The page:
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Originally Posted by RandomTroll
. . . 4 years, 26K miles. The brake track is not much worn. . .
Yes, it is.
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Old 09-17-14, 12:07 AM
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Uninflated, the valve side of the rim is 22.1 mm on the outside; the 2 ends of the seam are 22.9 and 22.5; inflated the valve side is 22.3, the 2 ends of the seam are 23.1 and 22.7. The inside of the rim (spoke side) is about 22.1 everywhere. The rim is supposed to be a flat 22.5 new.

Is this a lot of brake wear? The difference at the seam is a bad sign.

I'm going to replace it for sure. I just want to know if I have to walk until I do. (or - shudder - drive)
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Old 09-17-14, 07:02 AM
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So the rim is gone and may fail sometime in the future. In the meantime the brakes will probably pulse owing to the changes in rim width. But rim wear happens a ta glacial pace and a few more days or weeks probably won't mean anything.

If you're nervous pump the tires 10-15psi higher than riding pressure, then bleed back. That way it's most likely to break while pumping, and if it doesn't then you're riding with a 10psi safety margin.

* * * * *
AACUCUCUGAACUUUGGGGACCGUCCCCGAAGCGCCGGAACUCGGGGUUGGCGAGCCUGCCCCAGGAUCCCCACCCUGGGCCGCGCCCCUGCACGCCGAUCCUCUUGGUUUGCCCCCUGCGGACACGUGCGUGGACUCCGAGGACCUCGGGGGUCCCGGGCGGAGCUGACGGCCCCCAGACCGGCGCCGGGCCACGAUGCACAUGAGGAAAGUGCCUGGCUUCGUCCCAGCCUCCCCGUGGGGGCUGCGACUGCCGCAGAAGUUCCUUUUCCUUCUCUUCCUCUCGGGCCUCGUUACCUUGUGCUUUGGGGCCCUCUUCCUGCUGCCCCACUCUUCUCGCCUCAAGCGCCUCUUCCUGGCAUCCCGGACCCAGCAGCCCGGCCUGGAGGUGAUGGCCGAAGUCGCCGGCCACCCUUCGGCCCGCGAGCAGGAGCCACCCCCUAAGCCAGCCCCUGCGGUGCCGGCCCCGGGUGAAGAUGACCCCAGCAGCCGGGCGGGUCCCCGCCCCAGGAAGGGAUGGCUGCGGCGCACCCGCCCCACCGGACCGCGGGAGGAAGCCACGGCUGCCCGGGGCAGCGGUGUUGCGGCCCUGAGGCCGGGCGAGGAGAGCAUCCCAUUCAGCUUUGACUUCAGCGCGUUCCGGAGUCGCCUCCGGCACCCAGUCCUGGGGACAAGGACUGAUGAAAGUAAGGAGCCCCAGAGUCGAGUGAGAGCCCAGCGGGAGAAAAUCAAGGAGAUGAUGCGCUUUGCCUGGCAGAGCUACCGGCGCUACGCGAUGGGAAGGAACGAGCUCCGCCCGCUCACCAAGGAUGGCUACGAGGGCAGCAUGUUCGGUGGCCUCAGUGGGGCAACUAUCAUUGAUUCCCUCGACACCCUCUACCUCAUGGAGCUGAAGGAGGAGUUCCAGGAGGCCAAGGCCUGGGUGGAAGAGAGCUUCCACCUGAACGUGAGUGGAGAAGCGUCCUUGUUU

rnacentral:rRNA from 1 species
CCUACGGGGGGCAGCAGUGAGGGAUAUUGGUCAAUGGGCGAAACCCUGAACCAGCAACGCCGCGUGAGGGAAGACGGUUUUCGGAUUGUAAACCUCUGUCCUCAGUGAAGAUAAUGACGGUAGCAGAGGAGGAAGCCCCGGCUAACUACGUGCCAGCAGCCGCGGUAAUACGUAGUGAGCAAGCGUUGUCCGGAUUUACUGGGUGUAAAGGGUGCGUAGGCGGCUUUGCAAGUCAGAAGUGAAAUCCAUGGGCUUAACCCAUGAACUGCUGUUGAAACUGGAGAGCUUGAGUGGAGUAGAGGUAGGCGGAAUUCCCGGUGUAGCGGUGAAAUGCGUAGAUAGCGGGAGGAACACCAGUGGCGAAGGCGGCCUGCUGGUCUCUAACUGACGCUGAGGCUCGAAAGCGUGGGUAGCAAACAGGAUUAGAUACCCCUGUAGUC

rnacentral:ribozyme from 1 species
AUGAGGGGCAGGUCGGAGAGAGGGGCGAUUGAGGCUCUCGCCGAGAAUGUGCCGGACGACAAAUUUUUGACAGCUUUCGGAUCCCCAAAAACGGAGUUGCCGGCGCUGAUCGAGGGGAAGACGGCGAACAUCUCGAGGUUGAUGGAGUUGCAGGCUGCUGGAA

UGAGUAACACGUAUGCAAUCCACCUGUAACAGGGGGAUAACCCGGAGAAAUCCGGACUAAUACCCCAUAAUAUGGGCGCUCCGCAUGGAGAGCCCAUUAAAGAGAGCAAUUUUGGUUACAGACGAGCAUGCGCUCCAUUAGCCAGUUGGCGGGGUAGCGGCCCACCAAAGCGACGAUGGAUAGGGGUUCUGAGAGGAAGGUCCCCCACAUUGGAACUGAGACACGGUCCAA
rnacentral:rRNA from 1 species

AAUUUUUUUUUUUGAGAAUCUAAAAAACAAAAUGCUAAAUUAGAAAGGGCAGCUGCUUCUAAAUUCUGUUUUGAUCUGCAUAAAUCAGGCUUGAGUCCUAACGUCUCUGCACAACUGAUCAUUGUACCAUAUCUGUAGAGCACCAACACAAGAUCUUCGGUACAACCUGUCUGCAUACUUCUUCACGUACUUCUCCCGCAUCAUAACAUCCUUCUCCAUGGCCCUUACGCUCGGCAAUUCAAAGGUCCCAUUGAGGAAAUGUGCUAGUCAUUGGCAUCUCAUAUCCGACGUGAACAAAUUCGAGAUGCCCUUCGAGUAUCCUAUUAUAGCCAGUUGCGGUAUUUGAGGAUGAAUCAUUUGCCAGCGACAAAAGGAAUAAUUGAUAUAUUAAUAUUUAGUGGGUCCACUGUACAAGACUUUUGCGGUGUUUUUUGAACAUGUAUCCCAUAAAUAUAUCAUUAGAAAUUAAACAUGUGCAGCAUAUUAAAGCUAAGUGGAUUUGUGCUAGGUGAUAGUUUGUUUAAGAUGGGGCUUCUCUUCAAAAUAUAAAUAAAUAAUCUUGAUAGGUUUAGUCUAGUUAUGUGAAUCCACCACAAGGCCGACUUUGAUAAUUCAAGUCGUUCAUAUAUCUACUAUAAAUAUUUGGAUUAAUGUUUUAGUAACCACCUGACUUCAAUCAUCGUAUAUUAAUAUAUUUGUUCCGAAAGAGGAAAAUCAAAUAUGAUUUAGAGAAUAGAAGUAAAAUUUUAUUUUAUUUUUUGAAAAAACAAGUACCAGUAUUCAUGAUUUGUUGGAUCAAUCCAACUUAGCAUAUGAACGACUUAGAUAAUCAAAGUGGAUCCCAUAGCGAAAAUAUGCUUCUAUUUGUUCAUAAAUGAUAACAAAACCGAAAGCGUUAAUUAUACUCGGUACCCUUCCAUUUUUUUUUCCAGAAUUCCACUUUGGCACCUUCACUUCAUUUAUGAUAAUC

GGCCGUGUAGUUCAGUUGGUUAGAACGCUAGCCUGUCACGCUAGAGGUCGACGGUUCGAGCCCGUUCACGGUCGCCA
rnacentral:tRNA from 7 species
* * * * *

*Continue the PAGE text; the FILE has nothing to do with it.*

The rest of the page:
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Old 09-17-14, 04:52 PM
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I thought about this some more and realized I made a mistake. The tube doesn't touch the flanges of the rim - at least it doesn't as long as the tire's bead clinches the rim - and when that stops happening the tube pushes the tire off the rim and explodes.

I found a small hole in the tire where the rim's split seam cut it. It's too small to let the tube expand out of it; enough must have come out to get cut on the rim's split seam to cut it as well - I think. I could inflate the tire to 100 psi without a boot and just see the hole; it was hard to find on the unmounted tire.
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Old 09-17-14, 05:26 PM